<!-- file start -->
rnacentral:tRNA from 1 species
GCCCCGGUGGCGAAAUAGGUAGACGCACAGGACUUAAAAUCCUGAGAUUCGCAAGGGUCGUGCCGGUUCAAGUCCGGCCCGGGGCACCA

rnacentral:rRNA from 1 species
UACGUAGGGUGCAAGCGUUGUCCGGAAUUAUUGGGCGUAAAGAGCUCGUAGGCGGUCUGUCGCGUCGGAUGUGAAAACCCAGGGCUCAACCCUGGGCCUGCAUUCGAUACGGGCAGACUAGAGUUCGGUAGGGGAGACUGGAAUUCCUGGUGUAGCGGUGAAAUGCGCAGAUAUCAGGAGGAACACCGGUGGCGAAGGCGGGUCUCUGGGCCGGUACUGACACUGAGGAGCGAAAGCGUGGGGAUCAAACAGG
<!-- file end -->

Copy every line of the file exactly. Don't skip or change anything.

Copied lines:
rnacentral:tRNA from 1 species
GCCCCGGUGGCGAAAUAGGUAGACGCACAGGACUUAAAAUCCUGAGAUUCGCAAGGGUCGUGCCGGUUCAAGUCCGGCCCGGGGCACCA

rnacentral:rRNA from 1 species
UACGUAGGGUGCAAGCGUUGUCCGGAAUUAUUGGGCGUAAAGAGCUCGUAGGCGGUCUGUCGCGUCGGAUGUGAAAACCCAGGGCUCAACCCUGGGCCUGCAUUCGAUACGGGCAGACUAGAGUUCGGUAGGGGAGACUGGAAUUCCUGGUGUAGCGGUGAAAUGCGCAGAUAUCAGGAGGAACACCGGUGGCGAAGGCGGGUCUCUGGGCCGGUACUGACACUGAGGAGCGAAAGCGUGGGGAUCAAACAGG